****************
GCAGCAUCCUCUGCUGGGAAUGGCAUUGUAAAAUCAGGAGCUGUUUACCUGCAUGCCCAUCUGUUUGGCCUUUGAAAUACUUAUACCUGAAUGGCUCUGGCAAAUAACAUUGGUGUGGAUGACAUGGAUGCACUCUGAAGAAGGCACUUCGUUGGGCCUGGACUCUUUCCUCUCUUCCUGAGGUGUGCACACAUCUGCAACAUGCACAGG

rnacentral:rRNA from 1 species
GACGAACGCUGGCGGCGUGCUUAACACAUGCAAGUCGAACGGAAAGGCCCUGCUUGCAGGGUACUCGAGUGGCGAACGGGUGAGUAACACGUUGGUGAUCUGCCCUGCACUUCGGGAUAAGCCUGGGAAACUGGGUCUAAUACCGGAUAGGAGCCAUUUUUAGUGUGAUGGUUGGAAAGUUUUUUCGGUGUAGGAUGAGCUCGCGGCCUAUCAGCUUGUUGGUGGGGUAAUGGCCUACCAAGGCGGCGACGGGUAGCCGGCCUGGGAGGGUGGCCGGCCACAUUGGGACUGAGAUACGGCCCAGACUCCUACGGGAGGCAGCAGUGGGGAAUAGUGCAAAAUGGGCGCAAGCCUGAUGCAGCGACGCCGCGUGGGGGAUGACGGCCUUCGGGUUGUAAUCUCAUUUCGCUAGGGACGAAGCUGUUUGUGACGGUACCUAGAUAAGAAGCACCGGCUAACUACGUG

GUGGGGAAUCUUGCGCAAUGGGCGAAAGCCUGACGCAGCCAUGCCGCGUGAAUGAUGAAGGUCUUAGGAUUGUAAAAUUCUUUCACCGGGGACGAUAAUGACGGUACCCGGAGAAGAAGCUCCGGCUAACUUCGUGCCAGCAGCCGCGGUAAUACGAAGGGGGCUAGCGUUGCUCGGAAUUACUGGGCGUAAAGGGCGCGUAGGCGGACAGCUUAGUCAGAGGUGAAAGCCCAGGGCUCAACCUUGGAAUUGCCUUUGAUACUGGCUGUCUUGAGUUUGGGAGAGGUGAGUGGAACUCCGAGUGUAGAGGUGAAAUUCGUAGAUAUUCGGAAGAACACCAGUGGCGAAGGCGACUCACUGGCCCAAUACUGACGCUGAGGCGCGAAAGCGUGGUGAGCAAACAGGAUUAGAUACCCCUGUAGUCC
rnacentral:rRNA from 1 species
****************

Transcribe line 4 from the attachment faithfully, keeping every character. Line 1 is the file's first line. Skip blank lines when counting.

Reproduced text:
GUGGGGAAUCUUGCGCAAUGGGCGAAAGCCUGACGCAGCCAUGCCGCGUGAAUGAUGAAGGUCUUAGGAUUGUAAAAUUCUUUCACCGGGGACGAUAAUGACGGUACCCGGAGAAGAAGCUCCGGCUAACUUCGUGCCAGCAGCCGCGGUAAUACGAAGGGGGCUAGCGUUGCUCGGAAUUACUGGGCGUAAAGGGCGCGUAGGCGGACAGCUUAGUCAGAGGUGAAAGCCCAGGGCUCAACCUUGGAAUUGCCUUUGAUACUGGCUGUCUUGAGUUUGGGAGAGGUGAGUGGAACUCCGAGUGUAGAGGUGAAAUUCGUAGAUAUUCGGAAGAACACCAGUGGCGAAGGCGACUCACUGGCCCAAUACUGACGCUGAGGCGCGAAAGCGUGGUGAGCAAACAGGAUUAGAUACCCCUGUAGUCC